As we have discussed in previous months, the servlet container loads only a single copy of every servlet into memory at a given time. It can get away with this because Java is multithreaded, allowing a particular servlet to be executing simultaneously for several HTTP requests. Since JSPs are actually servlets in disguise, they are also subject to issues of multithreading.
This raises the question of what happens to our JavaBeans: how many times are they loaded; what is their scope? If a JSP sets a property that happens to modify a class' fields, does this affect all of the other instances of the same bean?
The answer is: It depends. There are four different types of bean scopes, and the type of scope that you choose will profoundly affect the way your bean is used. Application scope means a single copy of the bean for all JSPs is running within the servlet container. Session scope is for a single user, from the time they enter the site to the time they exit. If a user opens two browser windows onto your system, they will have identical sessions. Request scope extends through the end of an HTTP request. This is useful if you want to set a bean's properties in one JSP, use the <jsp:forward/> tag to perform an internal redirect to a second JSP and then continue to use that same bean from the second JSP. Page scope is for a single JSP page. When the page exits, so does the scope.
By default, beans are placed in the session scope. You can change this by adding a scope parameter to the <jsp:useBean/>:
<jsp:useBean id="simple" scope="application" class="il.co.lerner.SimpleBean"/>
Once we have done the above, properties set by one JSP will be visible to other JSPs. Of course, because beans in the application and server scopes might be executed by more than one JSP simultaneously, they must be threadsafe. Consider the scopes in which your beans are meant to be used, and make them threadsafe as necessary. If a bean is not threadsafe, be sure to indicate as much in its documentation so that others will not mistakenly use it in the wrong way.
Last month, we continued our simple investigations of web logs with a JSP that directly accessed a relational database to get the latest contents of a web log. While such a JSP is certainly legal, it looks awkward, is difficult to debug and fails to separate code from logic as elegantly as we might have hoped.
By putting the database logic into a JavaBean, we can achieve several of our goals: the code is reusable, available even to nonprogrammers and allows us to change the source of information or the application logic without rewriting our JSP. Listing 5 (available at ftp.linuxjournal.com/pub/lj/listings/issue86) contains the source code for our bean, which I have made threadsafe (using the “synchronized” keyword within the getBlog method) so we can create a single instance of application scope. This JavaBean connects to the web log database and retrieves the latest information. Listing 6 contains a small JSP that uses this JavaBean to display the web log.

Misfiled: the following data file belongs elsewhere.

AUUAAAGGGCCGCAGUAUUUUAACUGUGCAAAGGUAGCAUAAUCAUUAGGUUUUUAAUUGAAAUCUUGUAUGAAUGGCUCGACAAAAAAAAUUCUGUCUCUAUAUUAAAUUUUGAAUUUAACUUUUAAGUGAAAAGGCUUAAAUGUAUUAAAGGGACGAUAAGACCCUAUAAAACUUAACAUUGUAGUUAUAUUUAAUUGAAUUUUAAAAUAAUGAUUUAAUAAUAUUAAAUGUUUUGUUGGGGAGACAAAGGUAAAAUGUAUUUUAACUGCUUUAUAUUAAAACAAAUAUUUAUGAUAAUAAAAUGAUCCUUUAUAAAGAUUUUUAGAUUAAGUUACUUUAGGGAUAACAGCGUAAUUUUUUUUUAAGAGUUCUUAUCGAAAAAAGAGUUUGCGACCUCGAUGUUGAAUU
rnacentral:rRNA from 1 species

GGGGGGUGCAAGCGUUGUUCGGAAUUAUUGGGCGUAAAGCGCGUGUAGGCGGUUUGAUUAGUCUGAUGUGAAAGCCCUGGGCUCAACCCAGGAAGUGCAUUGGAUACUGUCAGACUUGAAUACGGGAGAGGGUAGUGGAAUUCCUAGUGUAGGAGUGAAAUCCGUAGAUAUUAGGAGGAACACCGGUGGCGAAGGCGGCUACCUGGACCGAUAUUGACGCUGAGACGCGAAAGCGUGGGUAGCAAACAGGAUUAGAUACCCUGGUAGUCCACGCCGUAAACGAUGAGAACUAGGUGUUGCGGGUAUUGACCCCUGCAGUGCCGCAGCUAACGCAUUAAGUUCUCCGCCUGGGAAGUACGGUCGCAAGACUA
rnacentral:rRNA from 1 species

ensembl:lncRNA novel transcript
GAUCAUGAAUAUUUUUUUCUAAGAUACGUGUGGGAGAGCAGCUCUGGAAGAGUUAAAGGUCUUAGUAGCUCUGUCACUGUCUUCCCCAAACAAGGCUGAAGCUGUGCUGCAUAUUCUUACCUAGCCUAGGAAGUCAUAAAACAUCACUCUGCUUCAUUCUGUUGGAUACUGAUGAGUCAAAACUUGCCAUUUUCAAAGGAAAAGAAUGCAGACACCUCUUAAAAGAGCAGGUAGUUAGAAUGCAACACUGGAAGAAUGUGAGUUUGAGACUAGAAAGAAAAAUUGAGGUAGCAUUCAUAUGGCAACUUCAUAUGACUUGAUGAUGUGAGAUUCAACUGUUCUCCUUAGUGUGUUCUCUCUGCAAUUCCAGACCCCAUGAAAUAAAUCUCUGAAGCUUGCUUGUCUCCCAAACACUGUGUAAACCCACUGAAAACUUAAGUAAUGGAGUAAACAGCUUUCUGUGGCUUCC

There really isn't anything special about the bean in Listing 5, but it does bring together a number of things that we have been discussing in the last few months. We now have a way for nonprogrammers to access information in our web log without having to write a single line of code on their own! Using a few simple JSP tags, we can place our current blog contents in an HTML page quickly and easily.
JavaBeans are a wonderful way in which to reduce the amount of code we put in our JSPs, while making it easier to use. However, complex JSPs will still contain some code, such as when they have to iterate through loops or work with complex data.
Next month, we will see how we can write our own tags similar to the jsp: tags we saw this month, using JSP's custom actions facility. Therefore, we can create our own new tags, associating them with any code we wish. In this way, JSPs allow us to create our own new formatting language, as well as use the tags that have been provided.
Practical Task Scheduling Deployment
July 20, 2016 12:00 pm CDT
One of the best things about the UNIX environment (aside from being stable and efficient) is the vast array of software tools available to help you do your job. Traditionally, a UNIX tool does only one thing, but does that one thing very well. For example, grep is very easy to use and can search vast amounts of data quickly. The find tool can find a particular file or files based on all kinds of criteria. It's pretty easy to string these tools together to build even more powerful tools, such as a tool that finds all of the .log files in the /home directory and searches each one for a particular entry. This erector-set mentality allows UNIX system administrators to seem to always have the right tool for the job.
Cron traditionally has been considered another such a tool for job scheduling, but is it enough? This webinar considers that very question. The first part builds on a previous Geek Guide, Beyond Cron, and briefly describes how to know when it might be time to consider upgrading your job scheduling infrastructure. The second part presents an actual planning and implementation framework.
Join Linux Journal's Mike Diehl and Pat Cameron of Help Systems.
Free to Linux Journal readers.Register Now!
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This ebook takes a look at some of the practical applications of the Linux on Power platform and ways you might bring all the performance power of this open architecture to bear for your organization. There are no smoke and mirrors here—just hard, cold, empirical evidence provided by independent sources. I also consider some innovative ways Linux on Power will be used in the future.Get the Guide